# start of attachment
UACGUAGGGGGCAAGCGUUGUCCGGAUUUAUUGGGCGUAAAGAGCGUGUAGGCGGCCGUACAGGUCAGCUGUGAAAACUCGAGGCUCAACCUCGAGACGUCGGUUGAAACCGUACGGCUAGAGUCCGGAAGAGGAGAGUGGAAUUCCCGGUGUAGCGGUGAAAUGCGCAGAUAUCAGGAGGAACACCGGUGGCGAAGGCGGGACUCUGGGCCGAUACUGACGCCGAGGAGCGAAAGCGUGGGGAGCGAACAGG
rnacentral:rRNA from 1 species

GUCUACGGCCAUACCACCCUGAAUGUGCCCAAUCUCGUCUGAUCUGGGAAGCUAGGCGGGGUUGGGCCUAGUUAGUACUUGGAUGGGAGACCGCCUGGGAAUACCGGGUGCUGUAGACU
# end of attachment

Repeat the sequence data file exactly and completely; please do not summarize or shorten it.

UACGUAGGGGGCAAGCGUUGUCCGGAUUUAUUGGGCGUAAAGAGCGUGUAGGCGGCCGUACAGGUCAGCUGUGAAAACUCGAGGCUCAACCUCGAGACGUCGGUUGAAACCGUACGGCUAGAGUCCGGAAGAGGAGAGUGGAAUUCCCGGUGUAGCGGUGAAAUGCGCAGAUAUCAGGAGGAACACCGGUGGCGAAGGCGGGACUCUGGGCCGAUACUGACGCCGAGGAGCGAAAGCGUGGGGAGCGAACAGG
rnacentral:rRNA from 1 species

GUCUACGGCCAUACCACCCUGAAUGUGCCCAAUCUCGUCUGAUCUGGGAAGCUAGGCGGGGUUGGGCCUAGUUAGUACUUGGAUGGGAGACCGCCUGGGAAUACCGGGUGCUGUAGACU